From Cryptography Decrypted

Part IV Overview: Real World Systems

E-mail, SSL, IPsec, Smartcards

Now that we’ve presented all the ingredients (secret keys, public/private keys, hash functions, and digital certificates) for cryptographic systems, let’s see how those pieces operate collectively in the real world.

Here we’ll look at how three real world systems -- secure e-mail (S/MIME, PGP), Secure Socket Layer (SSL), and Internet Protocol Security (IPsec) -- provide security. We also describe a few famous attacks and discuss how to protect your keys.

These real-world systems implement some or all of the cryptographic assurances we’ve discussed -- authentication, confidentiality, integrity, and nonrepudiation. In addition, because all three systems encrypt the majority of their data with a secret key, each includes (secret) key agreement or key exchange. In this overview, key exchange means that Alice encrypts a secret key with Bob’s public key and sends it to Bob. Key agreement means that Alice and Bob independently compute the identical secret key using Diffie-Hellman. At times we also use key exchange more broadly to apply to both situations.

Compare and Contrast: Secure E-mail, SSL, IPsec

Although the three systems don’t implement the assurances and key exchange in the same order, they all follow roughly the path shown below. Secure e-mail users can demand all the protections shown here, and, with the exception of nonrepudiation, so can SSL and IPsec users.

General flow and attributes of cryptographic systems, secure e-mail, SSL, and Ipsec:

(Validate the other side)

Key Agreement / Exchange
(Agree on or exchange a secret key)

(Exchange encrypted messages)

(Proof message not modified)

(Proof you got exactly what I sent)

E-mail Cryptographic Parameters

Let’s return to our stockbroker and customer example. Alice ’s e-mail messages to Bob usually go to Bob’s e-mail server and usually are not sent directly to Bob’s computer. Bob can retrieve Alice ’s e-mail after Alice sends it, whether or not Alice is still connected to the Internet.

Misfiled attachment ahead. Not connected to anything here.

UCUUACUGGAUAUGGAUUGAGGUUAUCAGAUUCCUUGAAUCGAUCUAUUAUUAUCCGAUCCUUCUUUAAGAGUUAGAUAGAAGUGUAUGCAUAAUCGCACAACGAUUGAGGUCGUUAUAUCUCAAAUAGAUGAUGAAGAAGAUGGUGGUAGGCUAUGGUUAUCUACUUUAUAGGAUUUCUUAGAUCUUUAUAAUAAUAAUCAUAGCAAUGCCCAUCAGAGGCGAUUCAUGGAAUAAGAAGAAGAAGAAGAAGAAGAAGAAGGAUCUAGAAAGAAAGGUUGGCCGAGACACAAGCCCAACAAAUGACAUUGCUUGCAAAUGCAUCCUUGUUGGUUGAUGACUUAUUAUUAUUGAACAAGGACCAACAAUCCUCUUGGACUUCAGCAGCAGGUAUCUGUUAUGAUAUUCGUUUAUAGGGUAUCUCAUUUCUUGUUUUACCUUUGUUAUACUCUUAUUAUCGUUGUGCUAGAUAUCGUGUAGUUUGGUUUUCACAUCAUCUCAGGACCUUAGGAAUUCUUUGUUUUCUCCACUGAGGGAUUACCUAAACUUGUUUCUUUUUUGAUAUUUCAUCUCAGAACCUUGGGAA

Alice unilaterally chooses her cryptographic protections and parameters. So an e-mail receiver doesn’t negotiate cryptographic assurances or parameters with an e-mail sender; the receiver takes it or leaves it. For example, if Alice encrypts e-mail with AES, Bob’s computer must be able to decrypt parameters using AES. This shouldn’t be a problem if both e-mail users are using the same cryptographic program—for example, PGP. But some older versions of a program (such as PGP) may be incompatible with newer versions of the same program.

Negotiation of SSL/ Ipsec Cryptographic Parameters

Unlike secure e-mail, SSL and IPsec assume that Alice’s and Bob’s computers are connected to each other, and they allow Alice and Bob to negotiate which cryptographic assurances and parameters they want to use.

SSL assumes that a client and a server relationship exists between the two parties: A customer (for example, Bob) wishes secure exchanges with some merchant (for example, AliceDotComStocks). IPsec, on the other hand, treats each end of the connection in the same way. Both SSL and IPsec first exchange plaintext in which Bob sends a greeting to Alice and offers a variety of potential suites of cryptographic parameters from which Alice should choose.

SSL and IPsec can be roughly categorized as two-part systems, shown as follows. In part 1, both SSL and IPsec exchange plaintext messages, authenticate each other, and agree on secret keys. In part 2 they use their agreed-on secret keys to encrypt (decrypt) confidential messages with integrity. Both SSL and IPsec offer assurances in many different ways; for example, depending on the situation, secret key exchange may be completed before authentication.

General overview of IPsec and SSL as two-part systems:

Part 1

Hello There          Bob initiates an Internet connection with Alice

Authentication     Bob challenges Alice : prove you have private key
                                …and then Alice challenges Bob

Key exchange      Exchange secret key

Part 2

Confidentiality     Encryption using secret key cryptography

Integrity               Detect whether confidential messages altered in transit

      (Neither SSL nor IPsec offers nonrepudiation.)

User Initiation of Cryptographic E-mail, SSL, and IPsec

Cryptographic e-mail applications and SSL require that the user explicitly invoke cryptographic protections. For example, as you’ll see, an e-mail user must select the option of encrypting his or her e-mail. Similarly, a user must invoke SSL. In contrast, IPsec provides its cryptographic protections by default and does not require invocation by the user. In fact, IPsec is meant to be transparent to the user, who may not be aware IPsec is even installed on the computer.